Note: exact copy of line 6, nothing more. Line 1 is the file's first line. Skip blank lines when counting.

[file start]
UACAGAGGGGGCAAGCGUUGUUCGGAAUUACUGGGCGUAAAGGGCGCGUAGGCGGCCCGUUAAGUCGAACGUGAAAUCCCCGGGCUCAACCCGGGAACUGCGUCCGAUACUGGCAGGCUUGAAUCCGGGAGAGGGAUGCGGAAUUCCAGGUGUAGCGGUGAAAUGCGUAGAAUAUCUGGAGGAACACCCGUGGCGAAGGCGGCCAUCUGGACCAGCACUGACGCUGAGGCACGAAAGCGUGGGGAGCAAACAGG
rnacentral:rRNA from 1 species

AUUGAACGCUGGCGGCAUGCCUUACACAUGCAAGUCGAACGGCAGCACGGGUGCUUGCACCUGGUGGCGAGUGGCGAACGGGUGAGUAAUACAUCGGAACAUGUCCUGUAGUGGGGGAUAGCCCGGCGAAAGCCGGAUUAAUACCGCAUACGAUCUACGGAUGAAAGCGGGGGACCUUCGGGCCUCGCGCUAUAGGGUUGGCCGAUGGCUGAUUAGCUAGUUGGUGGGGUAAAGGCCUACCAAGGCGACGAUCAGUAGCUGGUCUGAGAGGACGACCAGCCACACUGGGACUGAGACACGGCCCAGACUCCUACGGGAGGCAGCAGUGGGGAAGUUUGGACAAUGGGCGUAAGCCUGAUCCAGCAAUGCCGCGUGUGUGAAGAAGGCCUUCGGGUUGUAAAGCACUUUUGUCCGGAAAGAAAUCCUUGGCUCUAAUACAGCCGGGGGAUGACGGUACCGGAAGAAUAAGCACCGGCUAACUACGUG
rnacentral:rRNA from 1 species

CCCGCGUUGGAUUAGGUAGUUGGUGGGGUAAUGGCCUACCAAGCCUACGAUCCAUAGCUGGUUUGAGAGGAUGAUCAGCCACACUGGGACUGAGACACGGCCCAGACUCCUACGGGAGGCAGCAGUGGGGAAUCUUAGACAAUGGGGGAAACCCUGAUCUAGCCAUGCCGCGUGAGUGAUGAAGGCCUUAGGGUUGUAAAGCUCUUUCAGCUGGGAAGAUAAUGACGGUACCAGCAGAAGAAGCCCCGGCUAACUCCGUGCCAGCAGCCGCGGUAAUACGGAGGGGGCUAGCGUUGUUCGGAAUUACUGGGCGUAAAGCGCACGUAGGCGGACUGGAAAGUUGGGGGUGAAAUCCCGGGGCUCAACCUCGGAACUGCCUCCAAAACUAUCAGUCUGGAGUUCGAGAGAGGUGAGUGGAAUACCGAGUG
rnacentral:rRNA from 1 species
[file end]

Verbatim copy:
rnacentral:rRNA from 1 species